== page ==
4.1 Introduce Deadlock:
A Deadlock is a situation where each of the computer processes waits for a resource that is being assigned to another process. In this situation, none of the processes gets executed since the resource it needs, is held by some other process that is also waiting for some other resource to be released.
4.2 Describe necessary conditions for Deadlocks
- Mutual Exclusion
A resource can only be shared in mutually exclusive manner. It implies, if two process cannot use the same resource at the same time.
- Hold and Wait
A process waits for some resources while holding another resource at the same time.
- No preemption
The process which once scheduled will be executed till the completion. No other process can be scheduled by the scheduler meanwhile.
- Circular Wait
All the processes must be waiting for the resources in a cyclic manner so that the last process is waiting for the resource which is being held by the first process.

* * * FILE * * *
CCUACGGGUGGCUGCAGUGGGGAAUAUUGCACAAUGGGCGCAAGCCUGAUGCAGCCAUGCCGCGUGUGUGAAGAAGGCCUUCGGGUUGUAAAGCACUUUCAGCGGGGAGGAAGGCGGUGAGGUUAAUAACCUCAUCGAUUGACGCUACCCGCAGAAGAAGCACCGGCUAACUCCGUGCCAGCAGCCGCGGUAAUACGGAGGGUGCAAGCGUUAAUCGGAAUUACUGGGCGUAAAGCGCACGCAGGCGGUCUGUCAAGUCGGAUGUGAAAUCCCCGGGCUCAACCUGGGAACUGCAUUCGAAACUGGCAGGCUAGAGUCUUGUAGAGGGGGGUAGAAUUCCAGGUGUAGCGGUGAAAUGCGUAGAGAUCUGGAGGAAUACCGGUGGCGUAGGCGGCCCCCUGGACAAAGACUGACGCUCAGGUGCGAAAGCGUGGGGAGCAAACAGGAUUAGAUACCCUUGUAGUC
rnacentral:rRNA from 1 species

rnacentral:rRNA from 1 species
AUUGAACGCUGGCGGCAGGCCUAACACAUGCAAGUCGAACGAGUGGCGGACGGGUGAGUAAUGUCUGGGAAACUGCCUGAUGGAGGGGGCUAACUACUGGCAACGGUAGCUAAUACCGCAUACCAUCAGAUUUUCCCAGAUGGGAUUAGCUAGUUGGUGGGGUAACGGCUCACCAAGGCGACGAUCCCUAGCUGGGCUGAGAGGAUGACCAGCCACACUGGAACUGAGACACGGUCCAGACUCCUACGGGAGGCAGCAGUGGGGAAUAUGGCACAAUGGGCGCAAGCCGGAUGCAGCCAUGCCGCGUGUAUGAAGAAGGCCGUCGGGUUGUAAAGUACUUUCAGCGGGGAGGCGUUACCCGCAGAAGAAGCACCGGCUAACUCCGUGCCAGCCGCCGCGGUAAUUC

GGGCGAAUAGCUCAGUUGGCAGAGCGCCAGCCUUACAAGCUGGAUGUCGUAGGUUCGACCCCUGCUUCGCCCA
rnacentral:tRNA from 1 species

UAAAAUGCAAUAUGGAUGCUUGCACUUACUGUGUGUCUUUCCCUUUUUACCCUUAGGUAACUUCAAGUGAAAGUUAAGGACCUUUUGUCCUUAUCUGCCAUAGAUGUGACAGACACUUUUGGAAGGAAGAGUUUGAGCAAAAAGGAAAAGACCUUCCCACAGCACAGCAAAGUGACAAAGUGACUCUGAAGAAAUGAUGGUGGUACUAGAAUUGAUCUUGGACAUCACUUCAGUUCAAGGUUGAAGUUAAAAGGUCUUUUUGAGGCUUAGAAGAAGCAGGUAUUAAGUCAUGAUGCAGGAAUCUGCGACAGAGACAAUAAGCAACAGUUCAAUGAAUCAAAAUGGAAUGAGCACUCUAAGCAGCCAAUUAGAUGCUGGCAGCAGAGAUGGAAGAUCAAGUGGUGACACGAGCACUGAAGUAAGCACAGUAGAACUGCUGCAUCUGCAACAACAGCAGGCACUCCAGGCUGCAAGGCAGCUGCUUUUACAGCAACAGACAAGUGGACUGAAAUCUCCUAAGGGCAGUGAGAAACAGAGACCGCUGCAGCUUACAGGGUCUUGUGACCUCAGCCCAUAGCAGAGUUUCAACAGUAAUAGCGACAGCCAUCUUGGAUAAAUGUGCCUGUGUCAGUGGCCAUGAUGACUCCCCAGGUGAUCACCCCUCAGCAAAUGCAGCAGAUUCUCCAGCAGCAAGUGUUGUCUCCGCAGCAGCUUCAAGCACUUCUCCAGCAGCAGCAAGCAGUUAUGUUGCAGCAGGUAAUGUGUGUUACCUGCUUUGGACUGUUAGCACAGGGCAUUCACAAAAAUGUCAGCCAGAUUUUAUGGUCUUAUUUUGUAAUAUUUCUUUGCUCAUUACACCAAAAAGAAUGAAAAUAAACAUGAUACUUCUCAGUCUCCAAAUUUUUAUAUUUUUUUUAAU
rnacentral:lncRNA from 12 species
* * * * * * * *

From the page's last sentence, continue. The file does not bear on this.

4.3 Explain methods for handling deadlock:
Deadlock happens only when Mutual Exclusion, hold and wait, No preemption, and circular wait holds simultaneously. If it is possible to violate one of the four conditions at any time then the deadlock can never occur in the system. The idea behind the approach is very simple we have to fail one of the four conditions but there can be a big argument on its physical implementation in the system.
Deadlock Ignorance is the most widely used approach among all the mechanisms. This is being used by many operating systems mainly for end-user uses. In this approach, the Operating system assumes that deadlock never occurs. It simply ignores deadlock. This approach is best suitable for a single end-user system where the User uses the system only for browsing and all other normal stuff.
In deadlock avoidance, the operating system checks whether the system is in a safe state or in an unsafe state at every step which the operating system performs. The process continues until the system is in a safe state. Once the system moves to an unsafe state, the OS has to backtrack one step. In simple words, The OS reviews each allocation so that the allocation doesn’t cause a deadlock in the system.
Deadlock detection and recovery
This approach lets the processes fall in deadlock and then periodically check whether deadlock occurs in the system or not. If it occurs then it applies some of the recovery methods to the system to get rid of deadlock.